Good morning on this the eight day in December, in the year of our Lord 2016.
It is also the feast of the Immaculate Conception, on the Roman Catholic calendar. The doctrine of the immaculate conception is a very interesting one; in brief it is that the salvation of Christ was applied to Mary at the moment of her conception so that she would have the ability to become the mother of God, and relatedly so that she could make with perfect freedom the biggest choice anyone in the whole history of the human race has ever made. For various practical reasons we tend to focus on the freedom to say “no” to options, but sin weakens people and is perhaps clearest in addicts that freedom also requires the freedom to say “yes” to things. I won’t dwell on the doctrine since I know so little about it, but it does certainly raise some interesting questions.
In other news I posted a second hangout on my youtube channel:
This time I had the pleasure of talking with The Distributist. As conversations are wont to do, it wandered over a variety of subjects, but it started and to some degree ended by discussing classical liberalism (the liberalism of the post-reformation and enlightenment era). It was a little more structured than my hangout with Deflating Atheism, but not tremendously so. I’m still very undecided about whether a conversation or an interview is a better format. And of course, “neither, do both” is always a possible conclusion.
I also noticed that Hoyt and Bowtech have announced their new bows this year. (In general new bows tend to be announced at the end of archery season, it seems.) In general there doesn’t seem to be much difference; I think Bowtech characterized this as, “this year is about refinement”. And once again the only fast 80# or greater bow seems to be the Matthews Monster Safari, which costs $2,100. I did get the opportunity to shoot once once (rare, since they are all custom made and no one stocks them) and it was an amazing bow. It had a very, very smooth draw cycle and just felt amazing to draw and shoot. It costs so much money because they really went all out with hard-to-make parts that were optimal for the workload, and it shows. If you can afford it—and so far I can’t—you’re paying for performance, not for looks or a nameplate (though I do think it looks nice enough).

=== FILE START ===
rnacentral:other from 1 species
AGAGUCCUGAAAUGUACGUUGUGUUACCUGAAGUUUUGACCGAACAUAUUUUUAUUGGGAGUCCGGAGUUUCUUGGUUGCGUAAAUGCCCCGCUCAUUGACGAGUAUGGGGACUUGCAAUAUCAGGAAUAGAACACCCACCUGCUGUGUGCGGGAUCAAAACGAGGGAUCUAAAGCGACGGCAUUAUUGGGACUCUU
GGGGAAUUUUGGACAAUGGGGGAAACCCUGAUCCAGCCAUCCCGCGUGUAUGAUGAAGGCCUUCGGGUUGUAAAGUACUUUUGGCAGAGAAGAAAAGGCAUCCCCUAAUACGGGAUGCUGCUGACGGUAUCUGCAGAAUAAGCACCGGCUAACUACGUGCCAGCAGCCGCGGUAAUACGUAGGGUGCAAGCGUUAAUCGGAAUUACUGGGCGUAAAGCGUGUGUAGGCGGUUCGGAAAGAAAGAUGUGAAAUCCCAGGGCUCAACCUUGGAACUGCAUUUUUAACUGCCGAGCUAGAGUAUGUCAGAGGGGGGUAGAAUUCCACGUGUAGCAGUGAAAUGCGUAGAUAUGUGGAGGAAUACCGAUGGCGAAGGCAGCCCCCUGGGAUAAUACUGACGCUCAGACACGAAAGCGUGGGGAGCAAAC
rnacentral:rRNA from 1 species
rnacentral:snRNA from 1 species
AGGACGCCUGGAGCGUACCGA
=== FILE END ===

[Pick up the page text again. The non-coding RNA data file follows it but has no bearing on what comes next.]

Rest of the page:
So I’ve basically concluded that if I want something to shoot my 0.175″ deflection arrows (which are as stiff as you can get in factory made arrows) with more than 102 ft-lbs of kinetic energy, my best bet is to keep working on my carbon fiber longbows. Right now I’m using wooden limbs with carbon fiber backing, which seems to be easy to do up to round 40#, just guestimating. When one pushes above that, limb design becomes more critical, and so far I think I’ve been too aggressive in tapering the limbs, which puts too much bend in them towards the tips. An all-composite material could probably handle that much bending, but wood doesn’t like to be bent that much. Accordingly it works better to concentrate the bending loser to the handle, where less bending is required for the same draw distance. The bow I’m working on now (well, to be fair, it’s laid aside for the moment in the middle of being made) is promising, but I had an initial glue failure in the limb where it delaminated because I didn’t have a good bond between the ipe belly layer and the walnut core. Basically, I forgot to rough it up before gluing. So I’ve done a good job of that and just need to re-glue them up, but gluing with epoxy is always something of a production and I just haven’t had the time and energy to set it up. Also since there are minimum batches of epoxy (to make mix ratios easy to attain accurately), I always feel bad about small projects which therefore involve a fair amount of waste. At the same time I really should look for a different epoxy for doing wood laminations, since the concerns for gluing wood together are not the same as for setting up composites like carbon fiber. It’s possible there’s a more ideal epoxy for the wood layers. (If it isn’t clear why the limb delaminated, the inside of a curve is shorter than the outside of a curve, and so when the limb bends the belly really wants to push out further than the core (and the core further than the back), which introduces sheer strain on the laminations. Thus the most important characteristic in the glue for the laminations is its sheer strength.)
May God bless you.